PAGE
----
LSU’s Michael Brockers (90) and company celebrate during their win over Alabama on Saturday night. (Kevin C. Cox/GETTY IMAGES)

Our long national hypemare is over.

The game of several centuries — the last one; this one and, no doubt, the next one, was finally played on Saturday night.

Perhaps if LSU and Alabama had played into the next century, one of them would have scored a touchdown.

Here’s what we know after the Tigers’ 9-6 overtime victory in Bryant-Denny Stadium: LSU has a better kicking game than Alabama. Both teams have fabulous defenses. Neither team has a quarterback who is going to bring back memories of Joe Namath or Bert Jones or, for that matter, John Huarte. That’s a trivia note: Huarte won the Heisman Trophy in 1964; Namath did not, but that was back when Notre Dame still played big-time football.

There will be much debate about this game. The apologists, who were already lining up Sunday morning, are going to insist it was a great game because there were two great defenses on the field and there’s nothing wrong with that. Others will go the other way: The game was awful. The punters were on the field more than the quarterbacks.

The truth, as is often the case, lies in the middle: These might be the two best college football teams in the country. Certainly, LSU is clear-cut as the No. 1 team. The Tigers have now beaten six ranked teams and walked into Tuscaloosa and won. Anybody out there still think Les Miles can’t coach?

Here’s another question that’s going to come up and, in this case, the truth does not lie somewhere in the middle: Should Alabama get another shot at LSU in the national championship game if both teams win out? The answer is no.

Alabama had its shot at LSU on its home field and lost. Even if LSU loses at home to Arkansas in three weeks, it will still be ahead of Alabama in the pecking order. Both teams would have one loss and LSU would have the head-to-head win — on the road.

There are four unbeaten teams left now other than LSU: Oklahoma State, Stanford, Boise State and Houston. Oklahoma State will play in the championship game if it wins out because it will have to beat Oklahoma to do so. Stanford will have to beat Oregon on Saturday to have a chance to be the last BCS team standing if the Cowboys falter. OSU certainly didn’t look unbeatable against Kansas State Saturday, when it had to break a 45-45 tie late to win, 52-45.

If LSU, Oklahoma State and Stanford win out, the Stanford people will be screaming (no doubt in Latin) on Dec. 4, when they’re being congratulated on going to the Rose Bowl to play a Big Ten team that won’t be ranked in the top 10.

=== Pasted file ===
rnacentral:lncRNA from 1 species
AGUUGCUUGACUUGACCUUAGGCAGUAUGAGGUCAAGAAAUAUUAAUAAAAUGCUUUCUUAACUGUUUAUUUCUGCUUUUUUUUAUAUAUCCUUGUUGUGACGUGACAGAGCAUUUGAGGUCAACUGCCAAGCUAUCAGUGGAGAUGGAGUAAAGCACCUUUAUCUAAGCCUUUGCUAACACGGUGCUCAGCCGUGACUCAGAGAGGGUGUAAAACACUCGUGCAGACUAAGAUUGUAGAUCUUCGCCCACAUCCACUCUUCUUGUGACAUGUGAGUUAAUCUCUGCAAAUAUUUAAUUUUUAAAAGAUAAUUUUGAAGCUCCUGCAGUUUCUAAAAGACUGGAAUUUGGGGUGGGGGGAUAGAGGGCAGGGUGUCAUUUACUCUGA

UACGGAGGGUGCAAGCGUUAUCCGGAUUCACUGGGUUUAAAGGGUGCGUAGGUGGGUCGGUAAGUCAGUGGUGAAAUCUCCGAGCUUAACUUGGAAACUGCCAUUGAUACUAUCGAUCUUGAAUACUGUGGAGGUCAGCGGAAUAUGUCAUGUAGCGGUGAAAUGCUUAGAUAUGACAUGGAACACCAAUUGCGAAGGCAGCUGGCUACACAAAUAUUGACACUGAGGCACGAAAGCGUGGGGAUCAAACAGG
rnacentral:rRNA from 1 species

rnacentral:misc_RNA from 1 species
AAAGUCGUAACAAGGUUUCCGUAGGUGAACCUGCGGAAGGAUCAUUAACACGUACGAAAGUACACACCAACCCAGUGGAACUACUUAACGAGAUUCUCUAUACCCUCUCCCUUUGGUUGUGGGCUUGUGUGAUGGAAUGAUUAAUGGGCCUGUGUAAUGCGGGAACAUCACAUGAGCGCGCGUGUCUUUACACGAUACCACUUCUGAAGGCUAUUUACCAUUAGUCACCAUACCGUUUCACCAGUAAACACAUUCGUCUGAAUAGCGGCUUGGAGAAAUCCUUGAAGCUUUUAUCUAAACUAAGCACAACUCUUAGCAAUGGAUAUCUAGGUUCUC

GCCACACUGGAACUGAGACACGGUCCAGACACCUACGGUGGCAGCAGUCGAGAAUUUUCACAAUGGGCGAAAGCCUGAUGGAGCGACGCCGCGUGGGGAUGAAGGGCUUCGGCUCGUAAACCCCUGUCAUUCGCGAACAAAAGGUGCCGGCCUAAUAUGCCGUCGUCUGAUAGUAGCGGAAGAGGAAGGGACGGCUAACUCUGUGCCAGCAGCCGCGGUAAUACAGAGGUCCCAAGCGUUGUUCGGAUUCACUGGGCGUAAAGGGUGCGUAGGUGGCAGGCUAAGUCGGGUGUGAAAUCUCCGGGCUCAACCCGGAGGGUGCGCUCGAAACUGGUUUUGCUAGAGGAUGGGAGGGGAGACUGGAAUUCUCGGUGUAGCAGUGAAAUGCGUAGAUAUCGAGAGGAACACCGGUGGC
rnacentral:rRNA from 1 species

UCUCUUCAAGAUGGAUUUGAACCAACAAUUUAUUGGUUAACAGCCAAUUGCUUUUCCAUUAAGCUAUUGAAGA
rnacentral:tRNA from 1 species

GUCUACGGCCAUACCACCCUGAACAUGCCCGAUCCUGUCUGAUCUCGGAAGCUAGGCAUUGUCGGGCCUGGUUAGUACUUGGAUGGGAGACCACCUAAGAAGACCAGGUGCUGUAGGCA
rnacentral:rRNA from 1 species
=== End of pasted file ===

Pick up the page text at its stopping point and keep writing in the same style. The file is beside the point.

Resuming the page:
But here’s the real nightmare scenario for the boys of the Bogus Championship Series: Oregon beats Stanford; Oklahoma beats Oklahoma State. That’s when the BCS apologists will start screaming for an LSU-Alabama rematch.

Is Boise State better than Alabama? Who knows? If college football were a real sport with a real playoff system or tournament, we might get a chance to find out. But you can bet all the TV money in the world that if you were to acquire Nick Saban’s cellphone records you wouldn’t ever find a call to the 208 area code to set up a home-and-home with Boise State.

That’s why the money-huggers who argue that Boise’s schedule doesn’t make it worthy of playing for the championship have no argument at all. All of the so-called big-time schools who have played Boise in recent years — Georgia, Virginia Tech and Oklahoma come to mind — have lost. In fact, Boise’s only two losses in the last four years were to TCU and Nevada, who also aren’t worthy of playing for anything meaningful, according to the money men.

Just to be safe, the BCS bullies are lining up their guns to take aim at the Broncos in case two of the three big-bucks unbeatens should falter. Heck, the BCS would rather see Maryland play in the national title game than Boise, and the Terrapins aren’t even going to be eligible for the Military Bowl this season.

Those who run that bowl game are also sticking pins into an SMU doll, because if Navy doesn’t beat the Mustangs this Saturday it won’t have any chance to be bowl eligible either, and the RFK Stadium bowl game will be stuck with the ACC’s No. 9 team playing, in all likelihood, someone from the Mid-American Conference. With a 4:30 kickoff on a weekday (there is a federal law forbidding MAC teams from playing on Saturday) RFK may look like Byrd Stadium has the last couple of weeks.

That’s not a pretty sight.

Neither was Alabama-LSU. That doesn’t mean they aren’t very good football teams. But good teams can play an ugly game just as bad teams can play an entertaining one.

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